In my piece on this column, last week, I reviewed a few of my write-ups on the ICT Clinic column last year in the Sunday PUNCH.
Sometimes, the word “progress” can mean something swiftly done and sometimes it means a gradual process that takes time and strategic execution. It can also be likened to a layer of slab placed on top of each other, with an end product in view.
This week, I will be dwelling on three aspects of technology, where I would like to see some level of improvement, as we coast ahead into the new year, which also happens to be the beginning of a new decade.
The tech ecosystem remains a fertile fallow ground, where much still needs to be done, as I see the activities in that sector, as major drivers of and contributor to the country’s economy and growth.
What then are the three areas to be focused on to ensure that 2020 marks the beginning of another series of exponential growth in the tech ecosystem? Which areas do we need to beam the searchlight on in this new year?
From my observations of the tech ecosystem over the years, I am of the opinion that a lot of work should be done in these three areas by stakeholders in the ecosystem; namely: the telecom sector, the fintech sector and cybersecurity. These are highlighted below.
Ever since the telecom sector birthed in Nigeria in 2001, it has always been on a steady growth path, as rising broadband penetration and investment in mobile internet networks supports a movement in that direction.
The tech ecosystem has, however, faced several challenges over the years and some few years back, it wrestled itself back into relevance, after the daunting economic recession in 2017.
One of my expectations in 2020 is the resolution of the nagging issue of the Right of Way, RoW, which has stalled the laying of fibre cables across the country due to the exorbitant rates charged by the state governments.
The laying of those cables is sine qua non to the provision of fast and cheaper broadband internet access across the length and breadth of this country.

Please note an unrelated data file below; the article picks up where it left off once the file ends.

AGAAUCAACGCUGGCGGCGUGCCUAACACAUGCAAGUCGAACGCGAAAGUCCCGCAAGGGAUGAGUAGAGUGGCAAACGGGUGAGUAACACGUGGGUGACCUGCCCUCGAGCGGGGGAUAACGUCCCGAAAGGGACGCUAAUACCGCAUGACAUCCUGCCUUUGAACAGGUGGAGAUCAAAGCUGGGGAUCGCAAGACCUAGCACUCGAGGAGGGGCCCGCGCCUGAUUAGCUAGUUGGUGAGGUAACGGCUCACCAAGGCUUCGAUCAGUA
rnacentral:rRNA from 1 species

It, therefore, becomes disturbing to hear that studies show that 14 state governors in Nigeria have increased the charges for the Right of Way in their domains by as much as 1,100 per cent. This is coming at a time that the Honourable Minister of Communications and Digital Economy, Isa Ibrahim, stated that he had written to state governors to comply with the National Economic Council’s resolution of the issue. It is obvious that this is counter-productive to the drive for the expansion of Internet broadband in Nigeria.
Nigeria currently has five submarine fibre optics cable networks that connect the country to the world at large and with it comes Internet broadband capacity of over 27Tbps.
The Internet broadband penetration at subscriber’s levels is, however, still somewhat low and the majority of the fibre optics networks in the country are concentrated in the urban areas thus, cutting out most of the rural areas.
A major milestone will never be reached if internet connectivity has not effectively penetrated the rural areas and we can never talk about nationwide connectivity, if some parts of the country are still neglected.
The state governments should therefore cooperate by resolving to bring down the Right of Way fees. — Finish Reading on the Punch